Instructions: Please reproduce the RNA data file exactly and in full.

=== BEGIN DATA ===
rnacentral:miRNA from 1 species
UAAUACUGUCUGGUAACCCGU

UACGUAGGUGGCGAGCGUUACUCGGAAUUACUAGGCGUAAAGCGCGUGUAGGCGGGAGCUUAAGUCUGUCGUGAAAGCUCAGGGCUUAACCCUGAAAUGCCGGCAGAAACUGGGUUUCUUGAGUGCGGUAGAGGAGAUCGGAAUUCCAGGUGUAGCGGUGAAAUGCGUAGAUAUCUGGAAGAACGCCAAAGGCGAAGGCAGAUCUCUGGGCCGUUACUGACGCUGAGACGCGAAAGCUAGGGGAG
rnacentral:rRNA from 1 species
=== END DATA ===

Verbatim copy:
rnacentral:miRNA from 1 species
UAAUACUGUCUGGUAACCCGU

UACGUAGGUGGCGAGCGUUACUCGGAAUUACUAGGCGUAAAGCGCGUGUAGGCGGGAGCUUAAGUCUGUCGUGAAAGCUCAGGGCUUAACCCUGAAAUGCCGGCAGAAACUGGGUUUCUUGAGUGCGGUAGAGGAGAUCGGAAUUCCAGGUGUAGCGGUGAAAUGCGUAGAUAUCUGGAAGAACGCCAAAGGCGAAGGCAGAUCUCUGGGCCGUUACUGACGCUGAGACGCGAAAGCUAGGGGAG
rnacentral:rRNA from 1 species